This content is not included in your SAE MOBILUS subscription, or you are not logged in.
Application of Turbine Power at the Indianapolis ‘500’
ISSN: 0148-7191, e-ISSN: 2688-3627
Published February 01, 1968 by SAE International in United States
Annotation ability available
The gas turbine engine has long been under study as the means of powering a National Championship race car. In the past, cars using turbine power have been plagued by inadequate power response, poor braking and unacceptably high fuel consumption. The solution to these and many other problems was necessary in order to place on the starting grid a vehicle which came within three minutes of victory at the 1967 Indianapolis ‘500’.
This vehicle acquired many titles, some of which are –“Silent Sam”, “The Wooshmobile”, “Silent Screamer” and “The Quiet Revolution”. Call it what you may, but with less than one complete race to its credit, it is destined to become the world’s most famous race car.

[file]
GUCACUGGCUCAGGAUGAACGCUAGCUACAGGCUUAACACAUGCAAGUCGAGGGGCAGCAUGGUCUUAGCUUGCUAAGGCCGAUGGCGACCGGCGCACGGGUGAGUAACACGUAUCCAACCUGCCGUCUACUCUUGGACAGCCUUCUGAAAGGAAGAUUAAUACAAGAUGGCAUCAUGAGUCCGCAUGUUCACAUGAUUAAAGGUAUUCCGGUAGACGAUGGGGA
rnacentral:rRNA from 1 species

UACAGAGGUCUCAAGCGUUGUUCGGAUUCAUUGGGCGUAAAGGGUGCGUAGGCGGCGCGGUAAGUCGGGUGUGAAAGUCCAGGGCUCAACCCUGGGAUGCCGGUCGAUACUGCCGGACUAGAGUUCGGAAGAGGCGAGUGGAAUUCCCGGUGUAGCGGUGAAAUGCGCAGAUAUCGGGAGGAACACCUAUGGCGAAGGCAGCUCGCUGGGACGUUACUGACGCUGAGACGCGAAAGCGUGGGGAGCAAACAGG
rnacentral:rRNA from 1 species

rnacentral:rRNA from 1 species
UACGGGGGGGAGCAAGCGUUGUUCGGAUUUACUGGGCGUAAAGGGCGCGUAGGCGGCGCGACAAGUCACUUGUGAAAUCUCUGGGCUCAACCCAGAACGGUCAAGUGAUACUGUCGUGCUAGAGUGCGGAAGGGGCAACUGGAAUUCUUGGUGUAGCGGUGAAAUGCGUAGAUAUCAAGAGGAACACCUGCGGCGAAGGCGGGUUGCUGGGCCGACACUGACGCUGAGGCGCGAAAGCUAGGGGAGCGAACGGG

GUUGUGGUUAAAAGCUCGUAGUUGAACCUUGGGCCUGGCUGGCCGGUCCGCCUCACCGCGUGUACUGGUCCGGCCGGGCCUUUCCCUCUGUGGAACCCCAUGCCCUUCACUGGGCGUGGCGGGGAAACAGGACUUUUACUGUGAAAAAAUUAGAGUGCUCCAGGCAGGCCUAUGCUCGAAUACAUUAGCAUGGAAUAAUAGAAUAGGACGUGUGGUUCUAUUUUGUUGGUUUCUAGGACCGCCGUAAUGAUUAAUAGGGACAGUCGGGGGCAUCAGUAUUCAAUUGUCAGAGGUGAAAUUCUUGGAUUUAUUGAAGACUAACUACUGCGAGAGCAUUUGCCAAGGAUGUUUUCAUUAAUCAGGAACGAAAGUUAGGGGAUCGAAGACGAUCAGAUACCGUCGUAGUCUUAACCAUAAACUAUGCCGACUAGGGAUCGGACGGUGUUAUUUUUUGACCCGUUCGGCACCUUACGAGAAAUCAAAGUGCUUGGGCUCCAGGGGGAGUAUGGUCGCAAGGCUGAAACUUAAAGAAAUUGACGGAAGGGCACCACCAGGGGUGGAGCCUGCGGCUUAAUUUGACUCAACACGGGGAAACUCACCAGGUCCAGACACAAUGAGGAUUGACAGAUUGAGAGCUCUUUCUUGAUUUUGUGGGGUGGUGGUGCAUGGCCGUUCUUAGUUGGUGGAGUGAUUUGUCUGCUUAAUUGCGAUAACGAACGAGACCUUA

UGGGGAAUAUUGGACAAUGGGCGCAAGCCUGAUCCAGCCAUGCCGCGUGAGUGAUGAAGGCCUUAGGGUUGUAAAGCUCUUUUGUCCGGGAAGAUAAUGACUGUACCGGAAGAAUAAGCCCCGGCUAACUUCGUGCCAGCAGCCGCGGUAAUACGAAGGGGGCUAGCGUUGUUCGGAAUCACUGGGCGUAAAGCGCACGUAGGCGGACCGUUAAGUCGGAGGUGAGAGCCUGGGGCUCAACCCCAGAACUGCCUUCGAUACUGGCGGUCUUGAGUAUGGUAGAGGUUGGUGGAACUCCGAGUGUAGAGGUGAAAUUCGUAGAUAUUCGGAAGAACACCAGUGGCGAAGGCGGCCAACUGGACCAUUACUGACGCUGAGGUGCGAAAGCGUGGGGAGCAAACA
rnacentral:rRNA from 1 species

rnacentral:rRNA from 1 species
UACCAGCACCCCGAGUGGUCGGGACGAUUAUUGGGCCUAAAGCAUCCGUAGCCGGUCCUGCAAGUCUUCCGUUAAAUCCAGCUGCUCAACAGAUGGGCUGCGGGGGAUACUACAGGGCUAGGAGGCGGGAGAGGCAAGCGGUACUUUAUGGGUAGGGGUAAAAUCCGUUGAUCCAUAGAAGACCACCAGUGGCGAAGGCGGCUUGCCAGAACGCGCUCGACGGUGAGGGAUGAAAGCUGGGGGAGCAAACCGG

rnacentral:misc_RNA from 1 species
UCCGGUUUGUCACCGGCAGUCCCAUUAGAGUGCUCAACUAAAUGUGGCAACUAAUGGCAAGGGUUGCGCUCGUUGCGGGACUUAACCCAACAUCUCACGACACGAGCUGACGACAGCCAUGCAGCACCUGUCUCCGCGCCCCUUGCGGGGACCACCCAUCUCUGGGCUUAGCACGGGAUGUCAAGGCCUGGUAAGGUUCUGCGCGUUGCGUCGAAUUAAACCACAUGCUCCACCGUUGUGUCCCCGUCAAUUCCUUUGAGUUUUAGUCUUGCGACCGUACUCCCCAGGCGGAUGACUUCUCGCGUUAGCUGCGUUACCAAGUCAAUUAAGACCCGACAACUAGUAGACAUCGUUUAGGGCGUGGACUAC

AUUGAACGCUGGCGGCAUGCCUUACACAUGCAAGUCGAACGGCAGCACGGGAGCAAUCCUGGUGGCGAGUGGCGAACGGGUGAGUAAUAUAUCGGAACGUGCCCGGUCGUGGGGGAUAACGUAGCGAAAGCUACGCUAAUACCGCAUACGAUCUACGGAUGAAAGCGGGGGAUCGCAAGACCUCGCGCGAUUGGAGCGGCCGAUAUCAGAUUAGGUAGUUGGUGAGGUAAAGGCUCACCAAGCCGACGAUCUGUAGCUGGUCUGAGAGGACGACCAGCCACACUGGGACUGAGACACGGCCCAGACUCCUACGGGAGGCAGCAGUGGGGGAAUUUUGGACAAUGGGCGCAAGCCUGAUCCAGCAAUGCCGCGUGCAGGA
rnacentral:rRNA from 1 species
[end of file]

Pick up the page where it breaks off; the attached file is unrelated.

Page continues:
CitationGranatelli, A. and Cowley, F., "Application of Turbine Power at the Indianapolis ‘500’," SAE Technical Paper 680035, 1968, https://doi.org/10.4271/680035.
- Smith E. L. “Development of the T74 (PT6) Turboprop Turboshaft Engine.” Paper 624B presented at SAE Automotive Engineering Congress January 1963
- Hardy G. “Applications of the ST6 Gas Turbine Engine.” Paper 670693 presented at SAE West Coast Meeting August 1967